Bilateral Renal Sngiomyolipoma: What is the Role of Conservative Management

Shemssie Shewmollo Bushira*

Senior Surgical Resident at Saint Paul’s Teaching Referral Hospital, Addis Ababa, Ethiopia

*Corresponding Author:
Bushira SS
Senior Surgical Resident at Saint Paul’s Teaching Referral Hospital
Addis Ababa, Ethiopia
Tel: +251 11-2750125
Fax: +251 11-2750125
E-mail: [email protected]

Received Date: May 26, 2017; Accepted Date: May 30, 2017; Published Date: June 05, 2017

Citation: Bushira SS. Bilateral Renal Sngiomyolipoma: What is the Role of Conservative Management. J Clin Epigenet. 2017, 3:2. doi: 10.21767/2472-1158.100050

 
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Introduction

Angiomyolipoma of the kidney is a benign neoplasm composed of variable amount of adipose tissue, smooth muscle and thick walled blood vessels. It is the most common cause of spontaneous renal hemorrhage often presenting with classic triads of abdominal pain, palpable mass and hypovolemic shock called Wunderlich syndrome. Once the diagnosis of ruptured angiomyolipoma with unstable hemodynamic state is made, the treatment recommendation is either surgery or therapeutic embolization. Here we present review of the current literature for management of bilateral AML with rupture including conservative treatment options.

Angiomyolipoma of the kidney is a benign neoplasm composed of variable amount of adipose tissue, smooth muscle and thick walled blood vessels [1]. These tumors account for 0.3% to 3% of renal masses and 1% of surgically resected tumors [2,3]. The chance of malignant transformation is exceedingly rare. Tuberous sclerosis-associated angiomyolipomas have a tendency to be large, multiple, and are more likely to bleed than their sporadic counterpart. CT or MRI is usually adequate for diagnosis and biopsy is rarely needed.

Presentation

Patients with AML may present with fl ank pain, hematuria or palpable mass that may result from bleeding or large size tumor. Spontaneous renal bleeding secondary to an AML usually occurs when the tumor is larger than 4 cm [4].

Differential Diagnosis

Hemorrhagic AMLs need differentiation from a RCC or other vascular entities [5]. Considering this a careful search must be done during CT evaluation in order to detect fat [6]. Low grade retroperitoneal or capsular liposarcoma and RCC encasing perirenal fat are lesions that may mimic renal AML. The presence of typical internal tortuous aneurysmal vessels and a renal parenchyma defects [findings not often seen in liposarcomas] are used to differentiate AML from liposarcoma on CT scans [7]. All renal mass with detectable fat should be considered an AML [8].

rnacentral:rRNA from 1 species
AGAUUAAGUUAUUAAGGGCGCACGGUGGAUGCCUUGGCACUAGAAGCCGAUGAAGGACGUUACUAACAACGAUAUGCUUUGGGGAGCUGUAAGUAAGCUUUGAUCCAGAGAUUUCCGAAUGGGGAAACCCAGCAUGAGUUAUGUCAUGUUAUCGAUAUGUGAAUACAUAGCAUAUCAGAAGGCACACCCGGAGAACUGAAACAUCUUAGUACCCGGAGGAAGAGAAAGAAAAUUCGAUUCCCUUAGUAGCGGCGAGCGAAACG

Management Options

The primary reasons for intervention is symptomatic conditions such as pain or bleeding whereas prophylactic treatment is warranted for large tumors [3]. Active surveillance is strongly recommended for asymptomatic tumors more than 4 cm, while angioembolization or renal sparing surgical interventions such as partial nephrectomy, enucleation, or wedge resection should be alternative options for symptomatic tumors ≥4 cm. Though some studies recommended a prophylactic radical nephrectomy for solitary tumors ≥8 cm or those refractory to angioembolization, others found angioembolization and nephron sparing surgery to offer long-term renal function preservation with low complication rates [8-12]. However, characteristics of TSC-associated AMLs such as large size and multiplicity have limited the role of nephron sparing surgery and are one of the reasons for increased number of angioembolization for this group of patients. Even though solitary lesions can successfully be treated by embolization and nephron sparing surgical therapies, the much more frustrating clinical problem of multiple renal angiomyolipomas that replace renal parenchyma has remained largely unaddressed. When bleeding occurs in this circumstance, it can be impossible to identify which lesion is the source [12]. For patients with large, multiple bilateral AML with rupture, shock, and deranged renal function, surgical intervention in the form of nephron sparing nephrectomy and radical surgery is virtually impossible. In the absence of angioembolization service [not best for this kind of lesions as pointed out above], conservative management in the form of transfusion, fluid resuscitation and aggressive monitoring of clinical, laboratory and serial abdominal ultrasound seems the only option for caring such patients.

References

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